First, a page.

Farmer Jean Romain Beltinor works the rocky dirt on his parched hillside in 2014 to prepare for planting seeds in northwestern Haiti after months of drought. Photograph: Dieu Nalio Chery/AP
A former student of mine, Luke Hacker formed an organization called Simply Love, which works in Haiti to support educational and agricultural growth in the country. Through this group, I was introduced to an agricultural expert who relayed this personal story about environmental impacts on the island.
The story below is from Zacharie Bien-Aime, Agronomist, Local Technique Agent for the United Nations.
Since I was a child, I was taught that there are two rainy seasons. One extends from April to June and the other from October to November. As Haitian agriculture is dependent on rain for irrigation, farmers begin with soil preparation during the month of February to be ready to plant when the first rainfall begins in April.
For some time, I have observed changes in Haiti’s climate. Extreme weather conditions alternate between severe drought in the dry season and high rainfall during the wet season. In northwest Haiti where I work, we have just undergone four months of consecutive drought. Peasant plantations have lost most of their harvest because the crops cannot survive without rainfall. The rivers and natural water sources are dry resulting in a food crisis in the local communities.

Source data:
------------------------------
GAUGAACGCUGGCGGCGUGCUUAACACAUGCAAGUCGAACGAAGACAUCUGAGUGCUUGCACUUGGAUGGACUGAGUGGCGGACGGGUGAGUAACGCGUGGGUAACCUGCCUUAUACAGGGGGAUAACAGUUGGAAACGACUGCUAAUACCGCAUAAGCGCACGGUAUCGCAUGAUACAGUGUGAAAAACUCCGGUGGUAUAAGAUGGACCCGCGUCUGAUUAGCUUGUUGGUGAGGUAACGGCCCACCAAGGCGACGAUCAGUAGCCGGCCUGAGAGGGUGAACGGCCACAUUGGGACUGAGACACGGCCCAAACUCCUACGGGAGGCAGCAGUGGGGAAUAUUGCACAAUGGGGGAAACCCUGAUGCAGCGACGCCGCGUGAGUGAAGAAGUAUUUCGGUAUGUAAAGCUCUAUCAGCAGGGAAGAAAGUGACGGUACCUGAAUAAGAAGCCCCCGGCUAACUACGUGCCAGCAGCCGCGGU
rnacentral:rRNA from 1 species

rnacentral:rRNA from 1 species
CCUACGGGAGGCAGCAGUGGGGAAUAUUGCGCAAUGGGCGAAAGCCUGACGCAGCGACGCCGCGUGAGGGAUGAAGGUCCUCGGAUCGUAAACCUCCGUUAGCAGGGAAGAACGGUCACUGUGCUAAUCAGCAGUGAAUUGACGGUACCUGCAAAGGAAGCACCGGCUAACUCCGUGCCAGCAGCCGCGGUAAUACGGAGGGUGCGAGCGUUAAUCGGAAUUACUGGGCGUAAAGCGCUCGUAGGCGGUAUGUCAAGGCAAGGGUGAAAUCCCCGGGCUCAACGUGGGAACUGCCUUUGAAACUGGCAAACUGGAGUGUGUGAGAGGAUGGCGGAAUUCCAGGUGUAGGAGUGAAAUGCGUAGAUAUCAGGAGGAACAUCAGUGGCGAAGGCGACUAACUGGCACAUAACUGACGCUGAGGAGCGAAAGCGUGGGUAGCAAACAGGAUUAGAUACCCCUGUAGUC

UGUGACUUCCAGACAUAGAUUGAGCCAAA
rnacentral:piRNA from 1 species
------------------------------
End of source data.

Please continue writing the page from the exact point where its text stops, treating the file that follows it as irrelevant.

For more than a month we have observed the presence of seaweed along the coast and experts claim that this is the consequence of climate change. The presence of this seaweed has serious repercussions for the fishing and tourist economy of these regions and also can present concerns to the health of the local population.
All of this is the consequence of environmental degradation. The Haitian people don’t have access to other affordable energy resources so businesses and families use primarily charcoal. This has led to severe deforestation across the entire country. According to the records available in the archives of the Ministry of Environment, the vegetation coverage in Haiti is less than a 1.5% as of 2015.
In the agricultural sector of Haiti, climate change has caused a yield reduction of our principal crops of rice and maize. Also acceleration of soil erosion under heavy rain has led to a decrease in the fertility and productivity of the soil. Regarding water resources, climate change has increased the risk of flooding and prolonged drought. Longer periods of droughts cause an increase in food insecurity and many other conflicts where consistent use of water is needed.
Given these obvious impacts to agricultural resources and natural water resources, it is important to make the issue of climate change a national priority to be included in the political agenda of policy makers and NGOs in Haiti.Climate change is no longer a myth; it is a reality that we will have to deal with for many decades.
Coming on the heels of the agreement in Paris, stories like this reinforce the need to be committed to taking action on climate change. We cannot stop the climate from changing but we have the capacity to slow down those changes and to make them far more manageable than they otherwise would be. Climate change affects us all, from the wealthiest nations to those that struggle most with subsistence economies. But we all benefit when we can take collective action.